An educational charity has teamed up with Sussex County Cricket Club to create tailored courses for sixth formers in Brighton and Hove.
The Aldridge Foundation, which was set up by Portslade old boy Sir Rod Aldridge, aims to enable help promising cricketers to train without missing out on academic qualifications.
Adam Newman, a Level 3 England and Wales Cricket Board qualified head coach and Sussex Premier League player, leads the intensive cricket coaching programmes for boys and girls.
The coaching programme is integrated with A-level studies at the academy sixth forms.
The aim is to give students the chance to develop their sporting talent and academic qualifications together rather than having to choose between the two. It also avoids students having the stress of dealing with conflicting training and college work schedules.
Training programmes are individually tailored to suit the needs of every cricketer using techniques endorsed by Sussex CCC.
On the courses students receive up to 20 hours a week of academic teaching time, including sport theory and development, and at least 8 hours of cricket training.
Students can choose from a full range of arts and science A-level subjects to study alongside an A-level equivalent sports qualification, the cricket coaching and competitive matches.
The foundation hopes that the courses will appeal not only to students who want to play high level cricket.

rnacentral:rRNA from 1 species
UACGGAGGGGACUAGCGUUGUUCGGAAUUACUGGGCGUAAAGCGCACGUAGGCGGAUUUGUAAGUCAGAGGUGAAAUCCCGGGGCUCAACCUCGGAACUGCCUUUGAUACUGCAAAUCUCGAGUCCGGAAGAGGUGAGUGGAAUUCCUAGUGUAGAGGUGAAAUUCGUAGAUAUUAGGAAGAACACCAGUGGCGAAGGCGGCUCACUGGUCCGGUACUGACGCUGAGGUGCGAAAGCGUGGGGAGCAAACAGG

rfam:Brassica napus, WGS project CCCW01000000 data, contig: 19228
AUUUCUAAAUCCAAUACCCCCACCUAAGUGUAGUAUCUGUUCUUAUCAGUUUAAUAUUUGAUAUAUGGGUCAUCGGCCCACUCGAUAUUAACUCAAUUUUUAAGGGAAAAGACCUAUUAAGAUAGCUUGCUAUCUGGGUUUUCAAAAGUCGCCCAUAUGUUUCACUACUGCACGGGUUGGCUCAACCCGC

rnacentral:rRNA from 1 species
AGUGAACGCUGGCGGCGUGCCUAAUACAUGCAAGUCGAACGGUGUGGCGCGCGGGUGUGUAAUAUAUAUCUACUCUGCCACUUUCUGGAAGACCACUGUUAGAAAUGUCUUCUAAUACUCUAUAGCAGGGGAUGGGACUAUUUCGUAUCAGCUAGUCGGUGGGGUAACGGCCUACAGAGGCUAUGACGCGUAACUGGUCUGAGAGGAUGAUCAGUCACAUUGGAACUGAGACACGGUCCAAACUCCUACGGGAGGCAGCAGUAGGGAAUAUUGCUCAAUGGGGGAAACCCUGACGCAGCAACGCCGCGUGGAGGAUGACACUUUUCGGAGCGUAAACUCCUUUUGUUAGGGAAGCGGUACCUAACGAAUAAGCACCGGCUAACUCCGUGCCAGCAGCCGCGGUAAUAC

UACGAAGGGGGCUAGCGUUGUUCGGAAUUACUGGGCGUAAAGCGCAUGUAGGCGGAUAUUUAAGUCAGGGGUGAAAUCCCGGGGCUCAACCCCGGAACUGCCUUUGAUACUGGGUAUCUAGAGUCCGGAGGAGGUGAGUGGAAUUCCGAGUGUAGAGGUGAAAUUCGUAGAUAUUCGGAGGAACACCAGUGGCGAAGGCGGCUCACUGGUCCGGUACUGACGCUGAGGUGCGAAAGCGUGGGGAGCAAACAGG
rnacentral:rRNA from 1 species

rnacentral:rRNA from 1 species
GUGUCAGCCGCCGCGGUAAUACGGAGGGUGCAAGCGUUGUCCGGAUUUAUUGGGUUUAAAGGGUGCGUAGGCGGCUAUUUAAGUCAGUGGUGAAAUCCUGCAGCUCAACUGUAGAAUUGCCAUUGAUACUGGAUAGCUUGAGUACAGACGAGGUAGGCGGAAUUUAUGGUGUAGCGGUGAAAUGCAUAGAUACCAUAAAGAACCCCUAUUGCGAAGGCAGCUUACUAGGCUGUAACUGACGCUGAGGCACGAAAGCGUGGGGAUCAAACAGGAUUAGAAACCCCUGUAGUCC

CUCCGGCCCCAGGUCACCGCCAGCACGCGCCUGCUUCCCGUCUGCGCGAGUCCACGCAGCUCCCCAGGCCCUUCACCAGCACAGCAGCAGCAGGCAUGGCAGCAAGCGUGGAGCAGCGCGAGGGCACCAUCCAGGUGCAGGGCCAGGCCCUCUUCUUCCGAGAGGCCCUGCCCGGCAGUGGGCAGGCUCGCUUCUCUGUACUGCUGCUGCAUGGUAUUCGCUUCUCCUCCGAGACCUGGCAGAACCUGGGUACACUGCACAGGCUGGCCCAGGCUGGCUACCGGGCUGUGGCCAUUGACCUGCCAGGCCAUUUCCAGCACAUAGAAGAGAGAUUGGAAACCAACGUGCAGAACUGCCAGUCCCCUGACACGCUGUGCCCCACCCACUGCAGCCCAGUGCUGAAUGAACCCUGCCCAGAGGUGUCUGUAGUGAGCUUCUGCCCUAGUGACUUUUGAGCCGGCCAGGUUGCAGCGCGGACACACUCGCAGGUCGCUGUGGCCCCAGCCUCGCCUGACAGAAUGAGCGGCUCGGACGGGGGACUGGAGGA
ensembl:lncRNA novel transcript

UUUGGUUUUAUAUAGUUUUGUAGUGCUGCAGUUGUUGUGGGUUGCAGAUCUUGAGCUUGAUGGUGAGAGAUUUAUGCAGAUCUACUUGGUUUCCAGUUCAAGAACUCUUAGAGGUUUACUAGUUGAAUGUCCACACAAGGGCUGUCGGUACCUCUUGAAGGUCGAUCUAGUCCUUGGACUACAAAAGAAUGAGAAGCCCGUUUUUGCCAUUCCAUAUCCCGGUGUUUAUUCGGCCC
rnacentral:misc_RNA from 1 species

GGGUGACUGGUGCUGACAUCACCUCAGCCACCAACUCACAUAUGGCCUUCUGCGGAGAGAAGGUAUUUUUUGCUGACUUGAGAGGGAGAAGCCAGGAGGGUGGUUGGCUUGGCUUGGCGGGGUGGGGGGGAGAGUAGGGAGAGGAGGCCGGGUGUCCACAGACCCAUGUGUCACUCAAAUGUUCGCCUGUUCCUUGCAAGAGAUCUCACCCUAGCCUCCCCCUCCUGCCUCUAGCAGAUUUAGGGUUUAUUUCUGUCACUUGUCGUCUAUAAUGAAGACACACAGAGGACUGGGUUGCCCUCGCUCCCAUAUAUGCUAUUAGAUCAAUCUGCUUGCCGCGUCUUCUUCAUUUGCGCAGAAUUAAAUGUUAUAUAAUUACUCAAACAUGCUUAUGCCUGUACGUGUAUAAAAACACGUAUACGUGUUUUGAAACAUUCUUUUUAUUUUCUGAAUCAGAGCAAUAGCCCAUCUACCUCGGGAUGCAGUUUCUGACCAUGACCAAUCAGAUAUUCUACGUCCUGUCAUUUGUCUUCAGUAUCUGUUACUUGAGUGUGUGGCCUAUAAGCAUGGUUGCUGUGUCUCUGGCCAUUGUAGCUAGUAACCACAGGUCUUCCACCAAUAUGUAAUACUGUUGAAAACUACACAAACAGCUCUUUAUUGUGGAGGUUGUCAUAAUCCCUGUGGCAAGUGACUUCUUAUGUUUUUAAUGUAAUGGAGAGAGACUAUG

They are also pitched at those aiming to build a career in cricket coaching, sports science, psychology, management or teaching after university.
The Sussex CCC cricket performance manager Keith Greenfield, a former player and Falmer pupil, said: “Talented young people should take advantage of the excellent opportunities provided by these sixth form courses.
“Through its partnership with Sussex County Cricket Club, the Aldridge Cricket Academy offers ambitious male and female players an unparalleled learning experience combining exceptional cricket training and state of the art facilities with academic study.”
Sir Rod Aldridge said: “We have big ambitions for our students.
“We want to give talented young players at state-funded schools the same opportunities as those in private education.
“Our aim is that boys and girls will go on from the programme to play representative cricket for Sussex and to aspire to reaching international standards in the game.”
The new courses start in September next year and students are now being enrolled.
For more information click here.